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From Chicago comes an allegation that a sitting U.S. senator fudged his campaign spending reports to conceal payments to his then girlfriend. In this case, it's a Republican senator, freshman Mark Kirk.
Kirk's ex-wife, Kimberly Vertolli, filed a complaint with the Federal Election Commission over how his 2010 Senate campaign paid a Dodie McCracken $143,000.
Joining us is reporter Todd Lighty of the Chicago Tribune. Welcome to the program.
TODD LIGHTY: Thank you.
SIEGEL: And, first, what does the complaint that Kimberly Vertolli brought against her ex-husband's campaign say?
LIGHTY: Basically, it says that Mark Kirk surreptitiously hid payments to his ex-girlfriend so he didn't have to disclose them publicly.
SIEGEL: She was paid for work that she did on the campaign, but via a contractor, I gather.
LIGHTY: Right. There's no doubt that Dodie McCracken worked on the campaign. She did a lot of crisis communications, media strategy. She worked for a contractor called the Patterson Group, which the Kirk campaign paid $1.85 million for advertising. The Patterson Group then, in turn, paid Dodie McCracken as a subcontractor, and Kirk's position is he did not have to disclose those payment to his - now it's his ex-girlfriend - because she's a subcontractor and, under the Federal Election Commission rules, subcontractors do not have to be disclosed.
SIEGEL: Well, what have you heard about that? Does anyone say that it is a violation if a campaign worker is paid through a contractor, whether it's for the purpose of concealment or just the way the contract happens to be structured?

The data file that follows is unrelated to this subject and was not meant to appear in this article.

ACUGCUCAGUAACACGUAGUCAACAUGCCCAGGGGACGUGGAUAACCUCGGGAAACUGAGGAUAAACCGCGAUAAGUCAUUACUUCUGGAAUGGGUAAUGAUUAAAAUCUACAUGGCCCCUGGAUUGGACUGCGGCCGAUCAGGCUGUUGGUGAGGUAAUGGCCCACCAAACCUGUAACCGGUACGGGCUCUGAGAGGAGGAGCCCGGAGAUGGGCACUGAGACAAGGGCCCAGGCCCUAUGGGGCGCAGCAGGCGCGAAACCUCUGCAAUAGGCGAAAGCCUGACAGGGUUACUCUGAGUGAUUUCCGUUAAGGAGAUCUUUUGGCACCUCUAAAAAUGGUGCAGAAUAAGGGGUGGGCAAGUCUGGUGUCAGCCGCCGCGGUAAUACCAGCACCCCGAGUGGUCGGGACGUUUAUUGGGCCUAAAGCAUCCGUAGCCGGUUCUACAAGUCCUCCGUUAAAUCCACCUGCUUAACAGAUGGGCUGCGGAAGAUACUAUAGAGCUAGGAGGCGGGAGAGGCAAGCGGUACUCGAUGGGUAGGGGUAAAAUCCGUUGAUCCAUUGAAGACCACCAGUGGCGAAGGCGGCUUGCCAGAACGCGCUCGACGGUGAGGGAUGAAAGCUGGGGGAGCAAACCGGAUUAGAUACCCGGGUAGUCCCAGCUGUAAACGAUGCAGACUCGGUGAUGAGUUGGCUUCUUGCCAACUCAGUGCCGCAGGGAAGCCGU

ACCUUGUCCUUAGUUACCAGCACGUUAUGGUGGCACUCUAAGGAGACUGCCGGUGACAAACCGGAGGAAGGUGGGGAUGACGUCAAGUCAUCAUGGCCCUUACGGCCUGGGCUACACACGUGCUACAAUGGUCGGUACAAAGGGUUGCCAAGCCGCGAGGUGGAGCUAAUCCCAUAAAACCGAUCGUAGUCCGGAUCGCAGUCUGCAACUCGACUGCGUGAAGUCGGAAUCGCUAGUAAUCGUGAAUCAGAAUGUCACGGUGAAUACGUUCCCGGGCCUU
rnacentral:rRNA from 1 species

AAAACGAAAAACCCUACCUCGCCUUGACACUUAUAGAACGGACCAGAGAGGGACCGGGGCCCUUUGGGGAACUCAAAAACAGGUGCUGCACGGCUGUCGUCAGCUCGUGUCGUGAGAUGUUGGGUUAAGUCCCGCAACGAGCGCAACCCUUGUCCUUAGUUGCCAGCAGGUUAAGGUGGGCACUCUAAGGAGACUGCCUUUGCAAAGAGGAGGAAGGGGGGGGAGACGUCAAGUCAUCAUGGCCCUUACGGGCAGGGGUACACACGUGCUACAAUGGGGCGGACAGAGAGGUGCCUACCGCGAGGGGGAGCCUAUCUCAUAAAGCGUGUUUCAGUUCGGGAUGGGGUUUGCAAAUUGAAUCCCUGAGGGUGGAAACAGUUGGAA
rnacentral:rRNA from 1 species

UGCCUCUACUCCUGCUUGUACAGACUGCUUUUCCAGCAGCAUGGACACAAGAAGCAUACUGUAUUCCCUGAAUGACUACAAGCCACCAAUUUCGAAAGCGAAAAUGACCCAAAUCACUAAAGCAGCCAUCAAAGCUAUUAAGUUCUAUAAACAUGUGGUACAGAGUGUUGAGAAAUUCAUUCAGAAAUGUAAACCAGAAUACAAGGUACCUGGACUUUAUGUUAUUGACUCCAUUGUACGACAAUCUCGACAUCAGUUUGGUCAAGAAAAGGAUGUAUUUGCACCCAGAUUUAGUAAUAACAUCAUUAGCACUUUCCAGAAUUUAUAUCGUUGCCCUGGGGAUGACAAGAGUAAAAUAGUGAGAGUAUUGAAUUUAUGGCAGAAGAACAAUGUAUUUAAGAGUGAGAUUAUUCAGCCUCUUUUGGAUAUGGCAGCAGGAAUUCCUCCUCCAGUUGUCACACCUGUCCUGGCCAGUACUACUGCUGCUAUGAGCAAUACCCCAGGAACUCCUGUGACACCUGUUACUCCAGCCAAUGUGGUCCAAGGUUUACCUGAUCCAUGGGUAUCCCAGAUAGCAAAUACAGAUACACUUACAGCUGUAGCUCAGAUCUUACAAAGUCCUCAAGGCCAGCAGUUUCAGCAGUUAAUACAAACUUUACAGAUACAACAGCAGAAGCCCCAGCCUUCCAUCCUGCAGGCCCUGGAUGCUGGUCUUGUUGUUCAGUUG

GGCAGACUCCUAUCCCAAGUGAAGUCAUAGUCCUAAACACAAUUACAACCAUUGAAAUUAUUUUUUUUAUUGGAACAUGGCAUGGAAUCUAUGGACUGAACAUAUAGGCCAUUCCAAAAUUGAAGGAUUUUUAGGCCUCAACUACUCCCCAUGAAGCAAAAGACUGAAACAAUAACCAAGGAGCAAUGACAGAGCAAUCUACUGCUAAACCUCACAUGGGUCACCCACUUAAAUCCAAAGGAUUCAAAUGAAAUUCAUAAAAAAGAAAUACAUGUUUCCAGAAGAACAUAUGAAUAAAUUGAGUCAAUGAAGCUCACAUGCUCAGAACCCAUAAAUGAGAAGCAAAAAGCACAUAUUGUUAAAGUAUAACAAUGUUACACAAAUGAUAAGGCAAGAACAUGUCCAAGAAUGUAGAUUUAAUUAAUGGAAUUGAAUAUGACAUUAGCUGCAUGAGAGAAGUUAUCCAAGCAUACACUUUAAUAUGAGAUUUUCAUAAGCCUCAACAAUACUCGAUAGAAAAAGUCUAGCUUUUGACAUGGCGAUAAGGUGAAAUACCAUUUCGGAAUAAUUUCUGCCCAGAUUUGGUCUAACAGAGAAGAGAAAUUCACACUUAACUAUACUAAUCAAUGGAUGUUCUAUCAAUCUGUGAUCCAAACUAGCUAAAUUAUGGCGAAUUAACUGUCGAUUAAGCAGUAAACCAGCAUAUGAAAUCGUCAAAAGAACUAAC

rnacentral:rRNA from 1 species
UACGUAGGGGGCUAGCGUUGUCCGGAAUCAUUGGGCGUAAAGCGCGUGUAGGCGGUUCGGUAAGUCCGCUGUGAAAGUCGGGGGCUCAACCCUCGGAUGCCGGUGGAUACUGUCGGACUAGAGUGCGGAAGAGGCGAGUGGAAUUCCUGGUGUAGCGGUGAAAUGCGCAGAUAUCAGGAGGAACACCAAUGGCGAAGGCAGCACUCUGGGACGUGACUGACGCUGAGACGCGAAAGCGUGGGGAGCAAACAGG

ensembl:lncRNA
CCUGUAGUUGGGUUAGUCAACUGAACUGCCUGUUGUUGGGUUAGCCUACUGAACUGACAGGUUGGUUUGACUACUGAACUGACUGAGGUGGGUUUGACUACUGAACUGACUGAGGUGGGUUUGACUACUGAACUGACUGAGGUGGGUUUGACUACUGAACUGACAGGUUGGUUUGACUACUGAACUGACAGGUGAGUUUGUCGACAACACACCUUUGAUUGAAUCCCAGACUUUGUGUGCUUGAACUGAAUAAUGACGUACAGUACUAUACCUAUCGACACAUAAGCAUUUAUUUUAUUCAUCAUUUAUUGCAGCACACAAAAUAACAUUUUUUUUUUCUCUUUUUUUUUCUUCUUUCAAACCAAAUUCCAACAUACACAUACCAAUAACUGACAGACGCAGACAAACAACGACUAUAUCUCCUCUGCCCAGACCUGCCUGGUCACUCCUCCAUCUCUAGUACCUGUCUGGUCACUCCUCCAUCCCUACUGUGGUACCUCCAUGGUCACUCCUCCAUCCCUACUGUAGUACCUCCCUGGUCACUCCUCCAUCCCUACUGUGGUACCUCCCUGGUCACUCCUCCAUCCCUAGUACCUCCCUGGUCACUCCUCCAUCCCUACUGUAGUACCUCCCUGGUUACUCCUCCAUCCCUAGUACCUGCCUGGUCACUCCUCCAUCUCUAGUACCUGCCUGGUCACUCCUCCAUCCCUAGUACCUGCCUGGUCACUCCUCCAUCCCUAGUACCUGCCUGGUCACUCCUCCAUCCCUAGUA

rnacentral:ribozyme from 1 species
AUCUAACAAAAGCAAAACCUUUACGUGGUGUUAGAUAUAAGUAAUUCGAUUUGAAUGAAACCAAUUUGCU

LIGHTY: The election law experts we talked to said that, if Kirk purposely hid the money given to Ms. McCracken, that could be deemed a violation.
SIEGEL: Next wrinkle. Kimberly Vertolli, the ex-wife, having finalized her divorce from then Congressman Kirk in 2009, was herself put on the payroll of his 2010 senate campaign and she was paid $40,000 for doing what?
LIGHTY: Legal research, the Kirk campaign says, and she did some opposition research. Kimberly Vertolli now says she's come to believe that Kirk paid her money to keep her quiet.
SIEGEL: Yeah. In 2010, Ms. Vertolli gave an interview to Chicago magazine, in which she said that, despite an earlier promise he had made to work to repeal "don't ask, don't tell," Kirk voted against it in the House. She said she couldn't support him because there was a pernicious force on his team wielding a disproportionate amount of negative influence and that was Dodie McCracken.
LIGHTY: And that would be correct. That's what Kimberly Vertolli's view was. Mark Kirk has enjoyed - in Illinois, enjoys a reputation of what some see as a vanishing breed, a moderate Republican. And so his stance, which she saw as a flip-flop on "don't ask, don't tell" was just too much for her.
SIEGEL: That's the interview that took place when? That was August 2010?
LIGHTY: And Kimberly Vertolli says, shortly thereafter, the Kirk campaign called her up and wanted to know if she wanted to join the campaign.
SIEGEL: So both she, the accuser here, the ex-wife, Kimberly Vertolli, and Dodie McCracken were both working for Senator Kirk's election to the Senate?
LIGHTY: That is correct and neither one of their names show up in the financial disclosure forms the Kirk campaign has filed. McCracken's doesn't show up because she was paid as a subcontractor and Kimberly Vertolli's name doesn't show up because she was paid through a corporate entity she had created called Athens and Sparta. She says that corporate entity, in which she does do legal business from - it wasn't just for the campaign.
SIEGEL: Well, Todd Lighty, thanks for talking with us.
LIGHTY: Thank you.
SIEGEL: That's reporter Todd Lighty of the Chicago Tribune.
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